Opinion | Hotels face hurdles after UA, SEC decisions

Alexander Plant | @aplant63, Sports Editor

From the time students were dismissed from The University of Alabama’s campus in March until Aug. 19, the University was on the clock to work on a plan for a safe return for students and a plan to save the Tuscaloosa economy. 

A 2019 study from the Culverhouse College of Business found that the University’s student body has a $609 million impact and a typical football season has a $200 million impact on the Tuscaloosa economy. This kind of spending went all around, from restaurants to boutiques, but perhaps most importantly, hotels and housing rentals.

The economic power that Alabama football carries went extremely underestimated by the University when it came to planning the policies in place for students to return to classes and how off-campus events would take place. 

A lack of consistent testing from the University left officials no option but to ban tailgating for football games on campus and massively reduce the attendance capacity for Alabama football games. 

This has not only become crippling to small businesses but to large-scale businesses, including the many hotel chains with locations in Tuscaloosa. A recent study conducted by the Tuscaloosa Department of Tourism and Sports found that hotels and housing rental companies have taken massive losses across the board. 

Even with student move-in happening in the middle of August, hotel occupancy was down almost 20% from August 2019. There are no major events happening during the rest of the fall semester for the University: except for football games. 

Without fan interaction, businesses around Tuscaloosa will see losses that they simply are not prepared for, but hotels and housing rentals will suffer the brunt of the lost economic stimulation. There are still students in Tuscaloosa that can provide some sales for retail, food and alcohol-based businesses, but without over 100,000 fans in Bryant Denny Stadium and 100,000 to 200,000 surrounding campus on a home game weekend, the economic loss is almost insurmountable. A game like last year’s top tier matchup between the No. 2 LSU Tigers and the No. 3 Alabama Crimson Tide is one that hotels look forward to every year.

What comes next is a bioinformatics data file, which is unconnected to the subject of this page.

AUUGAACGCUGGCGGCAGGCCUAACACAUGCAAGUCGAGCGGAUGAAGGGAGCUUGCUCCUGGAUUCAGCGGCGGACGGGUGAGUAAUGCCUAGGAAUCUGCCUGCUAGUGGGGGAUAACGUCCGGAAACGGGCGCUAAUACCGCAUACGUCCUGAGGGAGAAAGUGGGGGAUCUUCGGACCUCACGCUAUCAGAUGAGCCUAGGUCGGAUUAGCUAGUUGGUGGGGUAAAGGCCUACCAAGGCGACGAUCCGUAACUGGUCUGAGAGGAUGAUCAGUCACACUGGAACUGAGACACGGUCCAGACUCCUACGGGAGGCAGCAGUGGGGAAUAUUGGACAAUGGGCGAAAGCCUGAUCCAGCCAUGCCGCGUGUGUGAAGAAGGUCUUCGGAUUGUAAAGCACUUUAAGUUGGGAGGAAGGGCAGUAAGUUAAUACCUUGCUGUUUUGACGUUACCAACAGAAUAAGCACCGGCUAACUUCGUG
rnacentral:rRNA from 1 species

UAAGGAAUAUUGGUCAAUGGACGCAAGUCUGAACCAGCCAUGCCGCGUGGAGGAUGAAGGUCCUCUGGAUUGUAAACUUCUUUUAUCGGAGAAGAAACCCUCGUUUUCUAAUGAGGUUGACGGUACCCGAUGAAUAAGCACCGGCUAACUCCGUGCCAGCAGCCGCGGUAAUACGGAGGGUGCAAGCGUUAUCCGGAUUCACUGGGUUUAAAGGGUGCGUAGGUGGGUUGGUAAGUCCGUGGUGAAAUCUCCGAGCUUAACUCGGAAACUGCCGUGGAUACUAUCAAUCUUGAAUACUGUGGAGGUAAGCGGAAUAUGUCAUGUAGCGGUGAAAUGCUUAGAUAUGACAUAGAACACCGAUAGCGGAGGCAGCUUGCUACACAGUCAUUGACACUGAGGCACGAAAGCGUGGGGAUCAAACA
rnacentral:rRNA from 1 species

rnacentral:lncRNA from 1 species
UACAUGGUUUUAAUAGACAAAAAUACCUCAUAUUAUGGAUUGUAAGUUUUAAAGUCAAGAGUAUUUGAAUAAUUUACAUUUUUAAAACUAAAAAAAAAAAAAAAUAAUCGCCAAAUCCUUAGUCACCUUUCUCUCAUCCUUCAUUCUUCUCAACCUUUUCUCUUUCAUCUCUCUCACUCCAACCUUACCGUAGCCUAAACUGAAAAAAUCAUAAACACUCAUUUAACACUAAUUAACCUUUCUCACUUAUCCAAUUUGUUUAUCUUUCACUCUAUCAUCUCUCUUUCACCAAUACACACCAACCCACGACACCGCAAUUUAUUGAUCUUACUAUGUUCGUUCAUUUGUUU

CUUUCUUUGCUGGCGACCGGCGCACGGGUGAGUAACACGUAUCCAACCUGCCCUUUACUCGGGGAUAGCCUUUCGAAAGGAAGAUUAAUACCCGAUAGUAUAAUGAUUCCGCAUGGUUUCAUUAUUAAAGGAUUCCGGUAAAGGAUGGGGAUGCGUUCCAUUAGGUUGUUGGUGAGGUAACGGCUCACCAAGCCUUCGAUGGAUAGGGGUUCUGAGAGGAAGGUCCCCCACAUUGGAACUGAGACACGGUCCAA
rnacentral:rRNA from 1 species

“It will be an epic weekend in Tuscaloosa as we grow to well over 200,000 people in just a few hours,” Tuscaloosa Mayor Walt Maddox said in a press conference in 2019.”

This year, almost every business will not be able to look forward to games like the Iron Bowl which will feature just a fifth of fans and no tailgating whatsoever. 

Overall in 2020, according to the study, revenue for hotels and rentals is down 33% – a $16 million loss – and that is just the beginning of a long three months of almost constant vacancies and no return to normalcy on the horizon.

This kind of astronomical loss falls solely onto the University’s plate. Their mismanagement of students, classes and COVID-19 testing has left them no choice but to continue the narrative of canceling everything. Small businesses across Tuscaloosa rely on the economic potential of football season and the University failed them tremendously. 

There was no backup plan, there was no sympathy. With actions, or lack thereof, like these, The University of Alabama shows that they do not care about the City of Tuscaloosa.